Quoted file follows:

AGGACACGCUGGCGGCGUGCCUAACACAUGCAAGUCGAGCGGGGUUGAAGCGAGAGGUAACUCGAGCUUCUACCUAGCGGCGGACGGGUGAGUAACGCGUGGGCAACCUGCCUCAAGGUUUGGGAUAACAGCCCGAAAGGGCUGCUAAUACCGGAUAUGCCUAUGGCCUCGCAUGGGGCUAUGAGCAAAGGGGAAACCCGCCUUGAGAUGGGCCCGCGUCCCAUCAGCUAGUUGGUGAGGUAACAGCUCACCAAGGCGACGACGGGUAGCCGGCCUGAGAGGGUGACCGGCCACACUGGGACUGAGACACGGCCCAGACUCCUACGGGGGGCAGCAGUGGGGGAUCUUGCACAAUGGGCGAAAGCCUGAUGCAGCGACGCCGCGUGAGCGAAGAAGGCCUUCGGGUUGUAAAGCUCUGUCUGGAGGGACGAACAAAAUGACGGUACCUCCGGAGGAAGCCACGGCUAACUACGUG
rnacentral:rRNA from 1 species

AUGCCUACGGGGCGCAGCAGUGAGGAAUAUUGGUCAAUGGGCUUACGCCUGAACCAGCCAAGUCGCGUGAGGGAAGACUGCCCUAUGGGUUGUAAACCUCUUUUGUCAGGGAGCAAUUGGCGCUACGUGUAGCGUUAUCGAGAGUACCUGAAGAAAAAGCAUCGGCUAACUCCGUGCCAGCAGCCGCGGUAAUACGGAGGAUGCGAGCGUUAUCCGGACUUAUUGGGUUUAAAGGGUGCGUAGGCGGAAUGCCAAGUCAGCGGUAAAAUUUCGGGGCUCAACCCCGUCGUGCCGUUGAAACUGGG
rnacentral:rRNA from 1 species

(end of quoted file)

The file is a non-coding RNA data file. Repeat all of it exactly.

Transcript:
AGGACACGCUGGCGGCGUGCCUAACACAUGCAAGUCGAGCGGGGUUGAAGCGAGAGGUAACUCGAGCUUCUACCUAGCGGCGGACGGGUGAGUAACGCGUGGGCAACCUGCCUCAAGGUUUGGGAUAACAGCCCGAAAGGGCUGCUAAUACCGGAUAUGCCUAUGGCCUCGCAUGGGGCUAUGAGCAAAGGGGAAACCCGCCUUGAGAUGGGCCCGCGUCCCAUCAGCUAGUUGGUGAGGUAACAGCUCACCAAGGCGACGACGGGUAGCCGGCCUGAGAGGGUGACCGGCCACACUGGGACUGAGACACGGCCCAGACUCCUACGGGGGGCAGCAGUGGGGGAUCUUGCACAAUGGGCGAAAGCCUGAUGCAGCGACGCCGCGUGAGCGAAGAAGGCCUUCGGGUUGUAAAGCUCUGUCUGGAGGGACGAACAAAAUGACGGUACCUCCGGAGGAAGCCACGGCUAACUACGUG
rnacentral:rRNA from 1 species

AUGCCUACGGGGCGCAGCAGUGAGGAAUAUUGGUCAAUGGGCUUACGCCUGAACCAGCCAAGUCGCGUGAGGGAAGACUGCCCUAUGGGUUGUAAACCUCUUUUGUCAGGGAGCAAUUGGCGCUACGUGUAGCGUUAUCGAGAGUACCUGAAGAAAAAGCAUCGGCUAACUCCGUGCCAGCAGCCGCGGUAAUACGGAGGAUGCGAGCGUUAUCCGGACUUAUUGGGUUUAAAGGGUGCGUAGGCGGAAUGCCAAGUCAGCGGUAAAAUUUCGGGGCUCAACCCCGUCGUGCCGUUGAAACUGGG
rnacentral:rRNA from 1 species